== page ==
We humans are creatures of habit and our nation is characterised by being somewhat set in our ways, but in the last month, following the coronavirus outbreak, there is evidence of considerable behavioural changes – providing valuable insights for brands.

Apparently only 10% of consumers claim that they will return to ‘normality’ when the lockdown eases, with over a quarter believing the pandemic will have a permanent impact of the way they shop¹.  From food types and brand selection to channel choices, there are surprises to be found in the patterns and predictions. These are our top ten pointers to be prepared for.

1) Flour, is the new loo roll in terms of shopper craving, as a shortage in bagging capacity is leaving shelves empty. But in fact all the basics of cooking at home are in unprecedented demand, with reportedly half of us spending more time cooking from scratch and 60% of Brits trying new cooking techniques². What an opportunity for food brands to inspire.

2) Shoppers are trading both down and up! In the final week of March, 44% of shoppers were unable to get the brand they wanted, forcing them to purchase own label options³ The steady growth that OL has been enjoying for years, is being boosted by the pandemic, [rising 20% in March according to Kantar], which is attributable to usual brand unavailability, price sensitivity and to consumers being surprised by the value OL has to offer.

Conversely usual brand unavailability has resulted in other shoppers trading up, with top-tier meat, chilled and ready meals selling well – an indication that people are prepared to create a more luxury meal at home, unable to go out. Demand for more indulgent treat products, such as premium ice-cream and wines is on the up too, as is the rising demand for subscription boxes, such as Gousto and Hello Fresh, further demonstrating that shoppers are also buying better.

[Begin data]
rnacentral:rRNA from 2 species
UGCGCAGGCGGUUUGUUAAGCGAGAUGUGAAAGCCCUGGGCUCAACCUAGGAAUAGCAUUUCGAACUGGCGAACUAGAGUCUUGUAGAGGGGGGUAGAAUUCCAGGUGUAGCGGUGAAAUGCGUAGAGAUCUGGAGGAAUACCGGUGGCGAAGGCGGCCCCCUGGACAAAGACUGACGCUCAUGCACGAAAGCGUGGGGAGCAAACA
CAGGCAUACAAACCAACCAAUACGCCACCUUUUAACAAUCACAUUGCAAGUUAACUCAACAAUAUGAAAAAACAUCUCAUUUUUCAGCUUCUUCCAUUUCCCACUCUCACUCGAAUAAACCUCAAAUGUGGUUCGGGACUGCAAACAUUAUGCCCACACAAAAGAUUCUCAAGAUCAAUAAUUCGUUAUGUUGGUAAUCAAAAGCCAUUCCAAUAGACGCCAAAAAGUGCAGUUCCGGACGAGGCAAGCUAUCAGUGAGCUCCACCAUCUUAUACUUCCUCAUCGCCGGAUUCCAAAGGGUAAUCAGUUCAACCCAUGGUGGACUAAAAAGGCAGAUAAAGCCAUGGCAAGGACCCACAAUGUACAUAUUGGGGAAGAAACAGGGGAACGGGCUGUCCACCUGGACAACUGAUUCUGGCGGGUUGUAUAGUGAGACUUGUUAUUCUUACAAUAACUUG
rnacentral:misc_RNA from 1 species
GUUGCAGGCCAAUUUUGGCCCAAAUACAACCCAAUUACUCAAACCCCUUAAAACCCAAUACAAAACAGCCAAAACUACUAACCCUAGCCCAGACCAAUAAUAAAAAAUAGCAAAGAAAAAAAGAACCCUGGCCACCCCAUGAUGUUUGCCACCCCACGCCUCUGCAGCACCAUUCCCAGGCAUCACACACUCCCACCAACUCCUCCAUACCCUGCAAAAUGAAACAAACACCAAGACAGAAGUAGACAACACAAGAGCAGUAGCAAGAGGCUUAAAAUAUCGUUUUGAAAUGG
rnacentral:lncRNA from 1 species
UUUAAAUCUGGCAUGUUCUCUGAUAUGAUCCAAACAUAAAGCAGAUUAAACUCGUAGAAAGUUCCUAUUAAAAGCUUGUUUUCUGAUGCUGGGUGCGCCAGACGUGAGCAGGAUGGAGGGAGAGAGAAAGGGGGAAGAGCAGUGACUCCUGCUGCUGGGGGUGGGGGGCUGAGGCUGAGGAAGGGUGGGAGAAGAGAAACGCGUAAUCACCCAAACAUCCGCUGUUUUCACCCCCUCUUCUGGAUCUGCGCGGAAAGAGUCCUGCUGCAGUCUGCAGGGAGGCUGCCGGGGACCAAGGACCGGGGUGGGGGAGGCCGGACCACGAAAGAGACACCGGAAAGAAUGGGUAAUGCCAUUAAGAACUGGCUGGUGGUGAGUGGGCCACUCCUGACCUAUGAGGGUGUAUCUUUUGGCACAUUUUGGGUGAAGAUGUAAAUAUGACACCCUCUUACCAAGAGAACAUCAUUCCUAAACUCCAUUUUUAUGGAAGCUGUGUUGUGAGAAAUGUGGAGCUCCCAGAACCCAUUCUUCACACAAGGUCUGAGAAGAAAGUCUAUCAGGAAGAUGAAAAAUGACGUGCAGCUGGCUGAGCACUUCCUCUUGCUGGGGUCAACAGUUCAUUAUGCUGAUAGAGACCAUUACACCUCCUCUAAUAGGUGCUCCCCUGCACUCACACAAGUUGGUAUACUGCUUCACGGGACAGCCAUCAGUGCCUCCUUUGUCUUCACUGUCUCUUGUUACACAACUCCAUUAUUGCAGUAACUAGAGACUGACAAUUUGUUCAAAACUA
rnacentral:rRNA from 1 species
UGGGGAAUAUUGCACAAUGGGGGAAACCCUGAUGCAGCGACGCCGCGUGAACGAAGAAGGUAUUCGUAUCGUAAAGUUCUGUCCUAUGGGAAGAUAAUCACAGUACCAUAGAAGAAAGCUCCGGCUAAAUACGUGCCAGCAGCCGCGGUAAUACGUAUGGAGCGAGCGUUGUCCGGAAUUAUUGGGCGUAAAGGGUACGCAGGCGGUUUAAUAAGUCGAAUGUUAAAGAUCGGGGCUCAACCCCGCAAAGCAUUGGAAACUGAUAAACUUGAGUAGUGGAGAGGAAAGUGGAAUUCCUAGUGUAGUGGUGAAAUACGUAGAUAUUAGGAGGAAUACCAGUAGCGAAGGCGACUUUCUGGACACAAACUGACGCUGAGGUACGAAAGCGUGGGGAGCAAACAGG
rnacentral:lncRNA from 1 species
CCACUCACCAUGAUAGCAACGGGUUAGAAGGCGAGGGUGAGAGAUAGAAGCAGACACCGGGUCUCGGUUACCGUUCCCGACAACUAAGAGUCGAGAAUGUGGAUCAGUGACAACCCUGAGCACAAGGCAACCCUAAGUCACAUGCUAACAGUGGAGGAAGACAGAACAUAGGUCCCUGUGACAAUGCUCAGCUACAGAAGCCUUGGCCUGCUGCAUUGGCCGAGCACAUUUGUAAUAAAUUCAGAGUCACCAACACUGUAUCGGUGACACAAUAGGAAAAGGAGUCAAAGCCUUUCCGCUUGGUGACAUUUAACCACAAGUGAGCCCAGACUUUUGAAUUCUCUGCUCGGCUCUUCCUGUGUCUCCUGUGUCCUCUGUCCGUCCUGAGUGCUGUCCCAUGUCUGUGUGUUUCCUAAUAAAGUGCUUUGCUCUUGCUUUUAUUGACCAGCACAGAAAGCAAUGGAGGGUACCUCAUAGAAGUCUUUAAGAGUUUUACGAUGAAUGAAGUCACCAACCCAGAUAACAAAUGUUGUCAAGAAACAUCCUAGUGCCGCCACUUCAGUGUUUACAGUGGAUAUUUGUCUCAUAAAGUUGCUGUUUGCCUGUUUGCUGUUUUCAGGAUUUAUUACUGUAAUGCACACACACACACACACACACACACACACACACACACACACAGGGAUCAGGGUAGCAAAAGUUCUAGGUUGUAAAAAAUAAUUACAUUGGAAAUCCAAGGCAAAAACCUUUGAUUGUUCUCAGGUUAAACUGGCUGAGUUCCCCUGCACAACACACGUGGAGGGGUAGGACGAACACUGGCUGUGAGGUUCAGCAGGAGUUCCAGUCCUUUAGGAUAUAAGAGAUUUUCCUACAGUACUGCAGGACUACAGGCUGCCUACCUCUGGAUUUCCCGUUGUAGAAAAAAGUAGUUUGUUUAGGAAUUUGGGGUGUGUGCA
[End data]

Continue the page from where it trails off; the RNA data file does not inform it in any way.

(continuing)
3) Aside from the positive news of the nation’s effort to get/keep fit and 2% of smokers giving up, a plethora of stories are emerging of a food-related health drive. Last week Convenience Store reported that demand for loose fresh fruit and veg has risen 57% YOY in the sector, significant growth in sales of loaves of bread that carry gut health claims are expected and interest in CBD products is soaring with an anticipated 50% increase in sales YOY. This is about helping to manage issues such as anxiety, or pain as well as building immunity, so wellbeing is high on consumers agendas, fuelled by pandemic situation. In an IGD survey last month, 2/3rds of respondents said they were either changing their diets or considering changes to be healthier.

4) Waste not, want not is the new cry, as consumers are becoming aware of how much food they are wasting [9 out of 10 of us apparently]. A combination of better meal planning and fridge management, higher levels of freezing and more creative use of leftovers is cutting levels of waste across staple food items such as potatoes, bread and milk by 1/3rd⁴ 48% of us are throwing away less according to environmental charity Hubbub.